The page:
— Lack of long-term vision: limitations and barriers to use (abuse-deterrent, prescription control) have led to a lowering of the illicit opioid market, resulting in a transition from prescription opioid to illicit opioid.
— Insufficient treatment services to meet the demand for treatment (medication-assisted treatment MAT).
— Lack of prevention strategies at the national level.
2018, January: FDA announces safety changes in cough and cold medications containing codeine or hydrocodone (7)
Limits their use to adult patients due to risks and adds safety notices in labels regarding the risk of abuse, addiction, overdose, death or respiratory distress.
2018, January, the FDA conducts a public session “Opioid Policy Steering Committee Prescribing Intervention- Exploring a Strategy for implementation” to (7)
Receive the inputs of different stakeholders on how the FDA should (under its REMS authority) improve the safety of the use of analgesic opioids by reducing over-prescribing in order to reduce the incidence of new addictions and limit the misuse and abuse of these painkillers.
This action goes back in the right direction, looking for the correct prescription of opioid as a key point of preventing a potential medical misuse or addiction. Again, we believe that this should have been one of the first measures taken by FDA in the early 2000s. However, it arrived in 2018!
2018, in February: the FDA discusses hydexor (7)
Approval (fixed combination of hydrocodone, acetaminophen and prometazine) for the short-term treatment of severe acute pain required by opioids while preventing and reducing opioid-associated nausea-vomiting.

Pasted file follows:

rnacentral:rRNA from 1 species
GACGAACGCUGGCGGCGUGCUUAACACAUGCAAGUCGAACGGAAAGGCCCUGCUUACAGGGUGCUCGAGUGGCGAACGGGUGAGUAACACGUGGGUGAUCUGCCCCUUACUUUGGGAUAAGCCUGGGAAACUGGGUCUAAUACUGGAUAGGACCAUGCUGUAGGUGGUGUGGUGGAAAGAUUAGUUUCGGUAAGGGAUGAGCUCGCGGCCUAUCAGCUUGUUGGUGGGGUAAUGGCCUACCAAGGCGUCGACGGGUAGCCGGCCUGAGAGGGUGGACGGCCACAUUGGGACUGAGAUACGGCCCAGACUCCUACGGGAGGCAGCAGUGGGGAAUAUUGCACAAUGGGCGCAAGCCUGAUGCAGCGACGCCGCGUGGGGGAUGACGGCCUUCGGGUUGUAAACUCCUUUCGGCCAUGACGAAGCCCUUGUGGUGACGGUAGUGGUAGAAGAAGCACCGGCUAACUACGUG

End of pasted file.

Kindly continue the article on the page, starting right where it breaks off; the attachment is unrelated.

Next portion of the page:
2018, April: FDA hosts (7). The meeting “Patient-focused drug development for Opioid Use Disorder (OUD)” in collaboration with NIDA
Among other activities, the FDA is promoting patient and community counseling programs to engage individuals with OUD.
2018, April: FDA draft on opioid dependence: development of buprenorphine depot for (7) treatment
This document refers to the key points of the FDA’s position regarding drug development and relevant clinical studies for analyzing products with buprenophrine depot.
2018, May: FDA approves Lucemyra (lofexidine) first (7)
Non-opioid treatment for withdrawal syndrome associated with abrupt opioid discontinuation.
2018, May: the FDA discusses the application of sublingual buprenorphine spray (INSYS) (7)
FDA discusses the application of sublingual buprenorphine spray for moderate-severe pain treatment that requires opioids.
2018, July: FDA approves the first generic Suboxone sublingual film
Discusses the application of ER oxycodone in capsules.
2018, August: FDA analyzes the results of TIRF-REMS (transmucosal immediate release fentanyl medicines risk evaluation and mitigation strategy) (7)
This program launched in December 2011 required
— TIRF prescribers for outpatient use were certified.
— Pharmacies that dispense these drugs for both intra-extra hospital use were also certified.
— Fulfill doctor-patient forms prior to dispensing for outpatient use.
Again, a measure in the right direction, but in our view late and too bureaucratic.
2018, october: Trump signed the SUPPORT for Patients and Communities Act (8)